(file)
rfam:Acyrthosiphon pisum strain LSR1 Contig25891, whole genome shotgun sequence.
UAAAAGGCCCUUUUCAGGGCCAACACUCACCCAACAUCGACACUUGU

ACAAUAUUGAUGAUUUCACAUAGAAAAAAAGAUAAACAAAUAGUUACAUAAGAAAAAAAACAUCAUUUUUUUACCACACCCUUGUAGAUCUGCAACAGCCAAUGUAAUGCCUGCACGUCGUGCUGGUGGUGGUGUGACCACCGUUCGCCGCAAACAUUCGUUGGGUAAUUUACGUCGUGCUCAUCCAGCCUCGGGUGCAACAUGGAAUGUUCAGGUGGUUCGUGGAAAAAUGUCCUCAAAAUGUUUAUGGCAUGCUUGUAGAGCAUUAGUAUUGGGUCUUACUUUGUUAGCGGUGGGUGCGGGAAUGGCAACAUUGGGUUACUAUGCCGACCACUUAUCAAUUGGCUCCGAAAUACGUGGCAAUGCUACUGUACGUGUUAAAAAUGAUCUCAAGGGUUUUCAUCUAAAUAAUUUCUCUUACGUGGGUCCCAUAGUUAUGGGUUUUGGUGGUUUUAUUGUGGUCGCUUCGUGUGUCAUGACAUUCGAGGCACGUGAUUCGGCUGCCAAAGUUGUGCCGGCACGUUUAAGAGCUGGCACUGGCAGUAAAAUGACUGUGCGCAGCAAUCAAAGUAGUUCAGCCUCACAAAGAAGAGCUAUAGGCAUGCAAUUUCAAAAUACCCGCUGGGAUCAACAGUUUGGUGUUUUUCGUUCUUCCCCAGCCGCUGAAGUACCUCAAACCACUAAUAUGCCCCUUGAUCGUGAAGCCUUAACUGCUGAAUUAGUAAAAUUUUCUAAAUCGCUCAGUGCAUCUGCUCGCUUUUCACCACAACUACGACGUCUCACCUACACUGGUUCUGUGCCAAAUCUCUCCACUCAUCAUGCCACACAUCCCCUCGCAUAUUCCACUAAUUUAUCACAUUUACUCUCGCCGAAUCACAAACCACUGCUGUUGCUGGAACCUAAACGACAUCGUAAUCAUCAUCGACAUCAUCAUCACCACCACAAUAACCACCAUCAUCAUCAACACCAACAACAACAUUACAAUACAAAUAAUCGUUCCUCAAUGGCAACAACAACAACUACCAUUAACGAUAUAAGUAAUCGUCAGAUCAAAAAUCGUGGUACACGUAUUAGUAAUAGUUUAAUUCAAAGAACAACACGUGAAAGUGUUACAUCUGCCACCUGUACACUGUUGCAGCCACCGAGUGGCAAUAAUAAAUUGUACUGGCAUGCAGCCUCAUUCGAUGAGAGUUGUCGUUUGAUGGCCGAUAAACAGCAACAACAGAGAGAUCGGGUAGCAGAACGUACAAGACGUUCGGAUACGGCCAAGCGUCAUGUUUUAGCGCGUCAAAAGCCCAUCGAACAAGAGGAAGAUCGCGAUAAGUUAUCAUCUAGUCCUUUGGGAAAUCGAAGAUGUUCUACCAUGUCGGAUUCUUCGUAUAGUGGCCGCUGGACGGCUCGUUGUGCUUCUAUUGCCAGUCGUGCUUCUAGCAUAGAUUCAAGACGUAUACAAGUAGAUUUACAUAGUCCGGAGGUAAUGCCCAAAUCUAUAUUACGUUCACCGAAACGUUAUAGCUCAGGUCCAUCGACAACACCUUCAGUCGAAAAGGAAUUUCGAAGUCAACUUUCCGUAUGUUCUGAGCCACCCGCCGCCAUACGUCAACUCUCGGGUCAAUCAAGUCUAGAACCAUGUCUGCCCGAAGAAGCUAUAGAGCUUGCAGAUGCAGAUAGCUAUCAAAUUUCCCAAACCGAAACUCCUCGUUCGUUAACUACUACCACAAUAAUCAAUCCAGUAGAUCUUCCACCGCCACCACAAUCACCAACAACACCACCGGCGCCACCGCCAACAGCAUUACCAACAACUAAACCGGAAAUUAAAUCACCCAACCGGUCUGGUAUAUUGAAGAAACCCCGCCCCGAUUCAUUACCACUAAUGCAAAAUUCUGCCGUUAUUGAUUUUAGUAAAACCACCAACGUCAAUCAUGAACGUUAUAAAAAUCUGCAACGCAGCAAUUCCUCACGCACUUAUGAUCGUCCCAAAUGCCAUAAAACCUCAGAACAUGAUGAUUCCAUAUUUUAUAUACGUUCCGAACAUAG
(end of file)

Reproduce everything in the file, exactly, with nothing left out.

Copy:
rfam:Acyrthosiphon pisum strain LSR1 Contig25891, whole genome shotgun sequence.
UAAAAGGCCCUUUUCAGGGCCAACACUCACCCAACAUCGACACUUGU

ACAAUAUUGAUGAUUUCACAUAGAAAAAAAGAUAAACAAAUAGUUACAUAAGAAAAAAAACAUCAUUUUUUUACCACACCCUUGUAGAUCUGCAACAGCCAAUGUAAUGCCUGCACGUCGUGCUGGUGGUGGUGUGACCACCGUUCGCCGCAAACAUUCGUUGGGUAAUUUACGUCGUGCUCAUCCAGCCUCGGGUGCAACAUGGAAUGUUCAGGUGGUUCGUGGAAAAAUGUCCUCAAAAUGUUUAUGGCAUGCUUGUAGAGCAUUAGUAUUGGGUCUUACUUUGUUAGCGGUGGGUGCGGGAAUGGCAACAUUGGGUUACUAUGCCGACCACUUAUCAAUUGGCUCCGAAAUACGUGGCAAUGCUACUGUACGUGUUAAAAAUGAUCUCAAGGGUUUUCAUCUAAAUAAUUUCUCUUACGUGGGUCCCAUAGUUAUGGGUUUUGGUGGUUUUAUUGUGGUCGCUUCGUGUGUCAUGACAUUCGAGGCACGUGAUUCGGCUGCCAAAGUUGUGCCGGCACGUUUAAGAGCUGGCACUGGCAGUAAAAUGACUGUGCGCAGCAAUCAAAGUAGUUCAGCCUCACAAAGAAGAGCUAUAGGCAUGCAAUUUCAAAAUACCCGCUGGGAUCAACAGUUUGGUGUUUUUCGUUCUUCCCCAGCCGCUGAAGUACCUCAAACCACUAAUAUGCCCCUUGAUCGUGAAGCCUUAACUGCUGAAUUAGUAAAAUUUUCUAAAUCGCUCAGUGCAUCUGCUCGCUUUUCACCACAACUACGACGUCUCACCUACACUGGUUCUGUGCCAAAUCUCUCCACUCAUCAUGCCACACAUCCCCUCGCAUAUUCCACUAAUUUAUCACAUUUACUCUCGCCGAAUCACAAACCACUGCUGUUGCUGGAACCUAAACGACAUCGUAAUCAUCAUCGACAUCAUCAUCACCACCACAAUAACCACCAUCAUCAUCAACACCAACAACAACAUUACAAUACAAAUAAUCGUUCCUCAAUGGCAACAACAACAACUACCAUUAACGAUAUAAGUAAUCGUCAGAUCAAAAAUCGUGGUACACGUAUUAGUAAUAGUUUAAUUCAAAGAACAACACGUGAAAGUGUUACAUCUGCCACCUGUACACUGUUGCAGCCACCGAGUGGCAAUAAUAAAUUGUACUGGCAUGCAGCCUCAUUCGAUGAGAGUUGUCGUUUGAUGGCCGAUAAACAGCAACAACAGAGAGAUCGGGUAGCAGAACGUACAAGACGUUCGGAUACGGCCAAGCGUCAUGUUUUAGCGCGUCAAAAGCCCAUCGAACAAGAGGAAGAUCGCGAUAAGUUAUCAUCUAGUCCUUUGGGAAAUCGAAGAUGUUCUACCAUGUCGGAUUCUUCGUAUAGUGGCCGCUGGACGGCUCGUUGUGCUUCUAUUGCCAGUCGUGCUUCUAGCAUAGAUUCAAGACGUAUACAAGUAGAUUUACAUAGUCCGGAGGUAAUGCCCAAAUCUAUAUUACGUUCACCGAAACGUUAUAGCUCAGGUCCAUCGACAACACCUUCAGUCGAAAAGGAAUUUCGAAGUCAACUUUCCGUAUGUUCUGAGCCACCCGCCGCCAUACGUCAACUCUCGGGUCAAUCAAGUCUAGAACCAUGUCUGCCCGAAGAAGCUAUAGAGCUUGCAGAUGCAGAUAGCUAUCAAAUUUCCCAAACCGAAACUCCUCGUUCGUUAACUACUACCACAAUAAUCAAUCCAGUAGAUCUUCCACCGCCACCACAAUCACCAACAACACCACCGGCGCCACCGCCAACAGCAUUACCAACAACUAAACCGGAAAUUAAAUCACCCAACCGGUCUGGUAUAUUGAAGAAACCCCGCCCCGAUUCAUUACCACUAAUGCAAAAUUCUGCCGUUAUUGAUUUUAGUAAAACCACCAACGUCAAUCAUGAACGUUAUAAAAAUCUGCAACGCAGCAAUUCCUCACGCACUUAUGAUCGUCCCAAAUGCCAUAAAACCUCAGAACAUGAUGAUUCCAUAUUUUAUAUACGUUCCGAACAUAG